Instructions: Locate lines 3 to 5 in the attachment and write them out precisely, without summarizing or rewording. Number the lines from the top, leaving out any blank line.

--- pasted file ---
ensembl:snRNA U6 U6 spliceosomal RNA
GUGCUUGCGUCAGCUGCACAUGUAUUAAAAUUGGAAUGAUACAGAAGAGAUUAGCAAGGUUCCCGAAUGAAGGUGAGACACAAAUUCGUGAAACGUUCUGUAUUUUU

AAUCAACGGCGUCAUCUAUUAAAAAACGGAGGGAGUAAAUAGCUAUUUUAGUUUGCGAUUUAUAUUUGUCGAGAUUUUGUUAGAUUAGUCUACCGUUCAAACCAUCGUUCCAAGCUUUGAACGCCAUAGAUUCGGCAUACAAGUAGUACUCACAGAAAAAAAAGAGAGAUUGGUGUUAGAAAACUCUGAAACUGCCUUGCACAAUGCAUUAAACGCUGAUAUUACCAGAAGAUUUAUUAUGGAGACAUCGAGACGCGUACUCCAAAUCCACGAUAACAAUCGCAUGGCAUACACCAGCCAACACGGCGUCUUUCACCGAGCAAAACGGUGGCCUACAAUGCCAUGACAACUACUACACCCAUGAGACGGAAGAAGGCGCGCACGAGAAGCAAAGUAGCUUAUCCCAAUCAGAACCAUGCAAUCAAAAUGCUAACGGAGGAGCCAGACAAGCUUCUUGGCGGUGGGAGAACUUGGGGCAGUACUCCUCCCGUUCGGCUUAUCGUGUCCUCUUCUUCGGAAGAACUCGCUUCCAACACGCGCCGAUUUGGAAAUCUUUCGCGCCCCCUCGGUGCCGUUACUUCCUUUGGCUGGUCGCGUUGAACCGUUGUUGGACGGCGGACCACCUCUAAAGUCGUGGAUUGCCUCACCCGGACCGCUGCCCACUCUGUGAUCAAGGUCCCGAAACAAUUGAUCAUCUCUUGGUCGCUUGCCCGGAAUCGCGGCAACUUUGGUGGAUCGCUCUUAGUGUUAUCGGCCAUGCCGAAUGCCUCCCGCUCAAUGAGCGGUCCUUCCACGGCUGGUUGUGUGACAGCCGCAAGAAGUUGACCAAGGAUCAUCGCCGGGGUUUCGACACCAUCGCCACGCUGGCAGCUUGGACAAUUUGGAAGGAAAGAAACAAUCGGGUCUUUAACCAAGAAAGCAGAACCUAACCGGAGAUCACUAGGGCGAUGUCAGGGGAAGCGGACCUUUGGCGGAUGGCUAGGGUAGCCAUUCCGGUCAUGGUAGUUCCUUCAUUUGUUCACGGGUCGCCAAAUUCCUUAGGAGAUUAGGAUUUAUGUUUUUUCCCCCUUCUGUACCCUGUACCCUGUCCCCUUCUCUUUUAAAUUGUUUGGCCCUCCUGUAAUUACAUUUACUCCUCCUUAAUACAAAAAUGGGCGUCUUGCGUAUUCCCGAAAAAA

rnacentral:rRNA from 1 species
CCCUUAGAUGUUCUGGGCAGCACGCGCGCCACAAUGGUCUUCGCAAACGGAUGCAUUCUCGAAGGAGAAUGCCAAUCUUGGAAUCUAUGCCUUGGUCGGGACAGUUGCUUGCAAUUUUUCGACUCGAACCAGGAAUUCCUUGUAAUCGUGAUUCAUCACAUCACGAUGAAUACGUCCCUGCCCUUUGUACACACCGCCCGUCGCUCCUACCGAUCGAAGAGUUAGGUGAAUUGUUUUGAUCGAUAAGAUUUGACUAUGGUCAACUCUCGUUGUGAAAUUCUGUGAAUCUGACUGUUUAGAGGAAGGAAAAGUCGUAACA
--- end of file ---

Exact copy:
AAUCAACGGCGUCAUCUAUUAAAAAACGGAGGGAGUAAAUAGCUAUUUUAGUUUGCGAUUUAUAUUUGUCGAGAUUUUGUUAGAUUAGUCUACCGUUCAAACCAUCGUUCCAAGCUUUGAACGCCAUAGAUUCGGCAUACAAGUAGUACUCACAGAAAAAAAAGAGAGAUUGGUGUUAGAAAACUCUGAAACUGCCUUGCACAAUGCAUUAAACGCUGAUAUUACCAGAAGAUUUAUUAUGGAGACAUCGAGACGCGUACUCCAAAUCCACGAUAACAAUCGCAUGGCAUACACCAGCCAACACGGCGUCUUUCACCGAGCAAAACGGUGGCCUACAAUGCCAUGACAACUACUACACCCAUGAGACGGAAGAAGGCGCGCACGAGAAGCAAAGUAGCUUAUCCCAAUCAGAACCAUGCAAUCAAAAUGCUAACGGAGGAGCCAGACAAGCUUCUUGGCGGUGGGAGAACUUGGGGCAGUACUCCUCCCGUUCGGCUUAUCGUGUCCUCUUCUUCGGAAGAACUCGCUUCCAACACGCGCCGAUUUGGAAAUCUUUCGCGCCCCCUCGGUGCCGUUACUUCCUUUGGCUGGUCGCGUUGAACCGUUGUUGGACGGCGGACCACCUCUAAAGUCGUGGAUUGCCUCACCCGGACCGCUGCCCACUCUGUGAUCAAGGUCCCGAAACAAUUGAUCAUCUCUUGGUCGCUUGCCCGGAAUCGCGGCAACUUUGGUGGAUCGCUCUUAGUGUUAUCGGCCAUGCCGAAUGCCUCCCGCUCAAUGAGCGGUCCUUCCACGGCUGGUUGUGUGACAGCCGCAAGAAGUUGACCAAGGAUCAUCGCCGGGGUUUCGACACCAUCGCCACGCUGGCAGCUUGGACAAUUUGGAAGGAAAGAAACAAUCGGGUCUUUAACCAAGAAAGCAGAACCUAACCGGAGAUCACUAGGGCGAUGUCAGGGGAAGCGGACCUUUGGCGGAUGGCUAGGGUAGCCAUUCCGGUCAUGGUAGUUCCUUCAUUUGUUCACGGGUCGCCAAAUUCCUUAGGAGAUUAGGAUUUAUGUUUUUUCCCCCUUCUGUACCCUGUACCCUGUCCCCUUCUCUUUUAAAUUGUUUGGCCCUCCUGUAAUUACAUUUACUCCUCCUUAAUACAAAAAUGGGCGUCUUGCGUAUUCCCGAAAAAA

rnacentral:rRNA from 1 species
CCCUUAGAUGUUCUGGGCAGCACGCGCGCCACAAUGGUCUUCGCAAACGGAUGCAUUCUCGAAGGAGAAUGCCAAUCUUGGAAUCUAUGCCUUGGUCGGGACAGUUGCUUGCAAUUUUUCGACUCGAACCAGGAAUUCCUUGUAAUCGUGAUUCAUCACAUCACGAUGAAUACGUCCCUGCCCUUUGUACACACCGCCCGUCGCUCCUACCGAUCGAAGAGUUAGGUGAAUUGUUUUGAUCGAUAAGAUUUGACUAUGGUCAACUCUCGUUGUGAAAUUCUGUGAAUCUGACUGUUUAGAGGAAGGAAAAGUCGUAACA